Meet the Board
Julie Leialoha, Vice-President, Hawai‘i Representative
Ms. Leialoha has had an extensive career in natural resource management that began as an intern while still attending high school at the Kamehameha Schools in the mid-1970s. As an avid surfer and hiker, she managed to turn her love for the outdoors into a commitment to protect Hawai‘i’s environment. “My early intentions where to simply make a living hiking and camping so I could surf in isolated locations.” After being told that was not possible by parents, counselors, and friends, she turned her pipe dream into reality. Attending Evergreen State College in Olympia, Washington, she utilized her knowledge of the ocean to study marine biology where she focused on identifying marine invertebrates. “All life begins with the tiniest of creatures, and I became fascinated with the thousands of different types of organisms that inhabit our oceans.”
Upon completing her science degree Ms. Leialoha was recruited by NOAA’s Endangered Marine Mammals Program in Honolulu, where she ventured to Laysan Atoll and French Frigate Shoals in the Northwestern Hawaiian Islands long before they were designated as the Papahānaumokuākea Marine National Monument. There she worked on recovering the critically endangered Hawaiian monk seal – a conservation imperative she continues to support to this day.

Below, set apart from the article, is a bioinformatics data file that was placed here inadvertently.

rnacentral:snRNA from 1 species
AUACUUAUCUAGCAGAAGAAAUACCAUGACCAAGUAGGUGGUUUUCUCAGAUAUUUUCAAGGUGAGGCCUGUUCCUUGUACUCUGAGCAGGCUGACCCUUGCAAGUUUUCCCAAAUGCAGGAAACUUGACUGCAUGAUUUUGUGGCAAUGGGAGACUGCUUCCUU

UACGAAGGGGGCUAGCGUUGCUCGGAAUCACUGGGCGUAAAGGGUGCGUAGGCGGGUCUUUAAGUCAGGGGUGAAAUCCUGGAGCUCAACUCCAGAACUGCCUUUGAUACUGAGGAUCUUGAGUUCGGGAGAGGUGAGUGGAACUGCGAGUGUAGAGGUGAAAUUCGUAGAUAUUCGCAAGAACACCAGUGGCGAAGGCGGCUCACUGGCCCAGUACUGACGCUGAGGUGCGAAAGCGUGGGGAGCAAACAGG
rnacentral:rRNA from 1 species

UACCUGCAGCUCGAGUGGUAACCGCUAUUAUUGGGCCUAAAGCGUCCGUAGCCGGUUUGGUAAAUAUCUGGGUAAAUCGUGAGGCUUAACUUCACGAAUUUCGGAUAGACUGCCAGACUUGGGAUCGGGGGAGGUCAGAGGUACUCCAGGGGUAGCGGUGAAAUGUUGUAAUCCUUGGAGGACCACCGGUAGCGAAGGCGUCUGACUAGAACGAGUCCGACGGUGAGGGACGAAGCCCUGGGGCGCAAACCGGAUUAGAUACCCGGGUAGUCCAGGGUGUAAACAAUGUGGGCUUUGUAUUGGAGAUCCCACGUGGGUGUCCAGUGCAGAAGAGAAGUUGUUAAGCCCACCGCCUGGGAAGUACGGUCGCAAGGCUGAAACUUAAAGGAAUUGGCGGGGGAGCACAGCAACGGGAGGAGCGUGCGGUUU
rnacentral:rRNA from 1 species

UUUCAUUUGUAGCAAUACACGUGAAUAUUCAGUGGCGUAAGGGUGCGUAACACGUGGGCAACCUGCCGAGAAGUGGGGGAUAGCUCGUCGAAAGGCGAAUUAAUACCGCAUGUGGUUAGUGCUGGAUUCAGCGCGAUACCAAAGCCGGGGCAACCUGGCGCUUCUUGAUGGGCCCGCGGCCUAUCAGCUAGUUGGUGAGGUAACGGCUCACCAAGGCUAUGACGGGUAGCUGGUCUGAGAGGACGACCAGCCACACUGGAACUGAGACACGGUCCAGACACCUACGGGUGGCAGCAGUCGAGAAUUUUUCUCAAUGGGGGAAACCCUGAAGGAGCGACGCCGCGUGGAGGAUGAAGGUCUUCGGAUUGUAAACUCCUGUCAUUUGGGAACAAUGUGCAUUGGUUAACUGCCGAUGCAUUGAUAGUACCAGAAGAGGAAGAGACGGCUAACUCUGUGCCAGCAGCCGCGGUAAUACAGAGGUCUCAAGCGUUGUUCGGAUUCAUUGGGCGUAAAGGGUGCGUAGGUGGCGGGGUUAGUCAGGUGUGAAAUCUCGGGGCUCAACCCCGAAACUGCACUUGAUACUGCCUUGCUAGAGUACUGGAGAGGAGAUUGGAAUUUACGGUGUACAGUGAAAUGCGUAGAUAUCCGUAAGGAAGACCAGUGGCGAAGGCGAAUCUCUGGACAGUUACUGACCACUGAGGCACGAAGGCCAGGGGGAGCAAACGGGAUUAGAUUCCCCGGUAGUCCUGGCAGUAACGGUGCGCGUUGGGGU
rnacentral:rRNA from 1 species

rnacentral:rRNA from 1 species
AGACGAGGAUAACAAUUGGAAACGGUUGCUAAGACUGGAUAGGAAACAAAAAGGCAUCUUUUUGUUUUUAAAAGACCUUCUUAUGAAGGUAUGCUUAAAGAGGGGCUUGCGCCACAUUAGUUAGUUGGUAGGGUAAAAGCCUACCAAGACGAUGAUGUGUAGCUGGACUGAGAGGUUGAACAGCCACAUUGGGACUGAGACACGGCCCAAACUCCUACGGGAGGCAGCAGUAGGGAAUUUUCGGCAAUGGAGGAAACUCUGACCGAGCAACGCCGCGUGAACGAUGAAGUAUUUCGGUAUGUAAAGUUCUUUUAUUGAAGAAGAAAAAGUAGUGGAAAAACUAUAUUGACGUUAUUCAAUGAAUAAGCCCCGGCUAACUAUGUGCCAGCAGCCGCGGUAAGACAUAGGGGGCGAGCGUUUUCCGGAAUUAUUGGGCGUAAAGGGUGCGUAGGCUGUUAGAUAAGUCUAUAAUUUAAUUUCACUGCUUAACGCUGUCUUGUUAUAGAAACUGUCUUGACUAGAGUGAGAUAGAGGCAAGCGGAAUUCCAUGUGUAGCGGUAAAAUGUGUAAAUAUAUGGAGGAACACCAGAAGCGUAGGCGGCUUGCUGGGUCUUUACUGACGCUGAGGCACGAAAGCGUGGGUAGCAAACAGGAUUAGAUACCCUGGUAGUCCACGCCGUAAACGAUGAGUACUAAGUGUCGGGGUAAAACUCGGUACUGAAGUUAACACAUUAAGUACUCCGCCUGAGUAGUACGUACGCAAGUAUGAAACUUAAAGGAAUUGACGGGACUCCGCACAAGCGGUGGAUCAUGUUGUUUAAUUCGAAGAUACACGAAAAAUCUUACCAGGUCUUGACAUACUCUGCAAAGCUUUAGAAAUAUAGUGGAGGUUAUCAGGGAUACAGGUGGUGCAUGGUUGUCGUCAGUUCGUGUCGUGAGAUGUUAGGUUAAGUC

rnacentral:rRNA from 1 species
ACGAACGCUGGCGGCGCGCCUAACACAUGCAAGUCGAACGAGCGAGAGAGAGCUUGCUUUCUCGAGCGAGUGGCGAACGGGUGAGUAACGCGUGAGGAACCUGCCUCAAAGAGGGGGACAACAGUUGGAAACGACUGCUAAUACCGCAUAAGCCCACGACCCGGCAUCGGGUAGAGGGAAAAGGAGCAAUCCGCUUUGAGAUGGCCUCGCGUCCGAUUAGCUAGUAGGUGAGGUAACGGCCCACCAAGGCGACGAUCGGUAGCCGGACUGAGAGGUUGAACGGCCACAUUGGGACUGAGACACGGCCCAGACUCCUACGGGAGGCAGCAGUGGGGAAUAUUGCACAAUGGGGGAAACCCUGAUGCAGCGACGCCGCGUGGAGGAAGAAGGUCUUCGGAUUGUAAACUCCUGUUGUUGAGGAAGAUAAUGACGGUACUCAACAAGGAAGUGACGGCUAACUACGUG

Her career took a detour into managing native Hawaiian forest when she was recruited by Hawai‘i Volcanoes National Park Resource Management Division’s iconic botanist and resource manager, Tim Tunison. “I couldn't figure out why he wanted me in the division, since I didn't know anything about plants. His response was, “If you can identify plankton, plants are a breeze.” It was during this period that Ms. Leialoha realized there was a lot more to management than just pulling weeds in the field, and she became active in local politics, focusing on issues pertaining to resource management, including an unsuccessful bid for Hawai‘i County Council on the Big Island of Hawai‘i where she resides. “I lost by 89 votes, can you believe that?” she laughs. She intended to run again in the next election, but fate took another turn as she was severely injured in a helicopter crash while working in the Manukā Natural Area Reserve. After 5 years of intense rehabilitation, Ms. Leialoha returned to what she loves – protecting Hawai‘i’s native resources. She currently manages the Wao Kele O Puna Forest Reserve on the Big Island, a joint project between the Office of Hawaiian Affairs and the Department of Land and Natural Resources Division of Forestry and Wildlife.
When CCH approached Ms. Leialoha about re-joining the board, she was more than enthusiastic. In the past, she served as CCH President for 3 years and currently serves as our Vice President after stepping down from the board for a year after serving two 3-year terms on the board. “I believe strongly in CCH. Though we are a relatively small organization, we play an important role in educating the public and government leaders on environmental issues, and speaking on behalf of Hawaiian wildlife. We have a good working relationship with many of our elected officials and non-government organizations. This will likely be a life long journey for me.”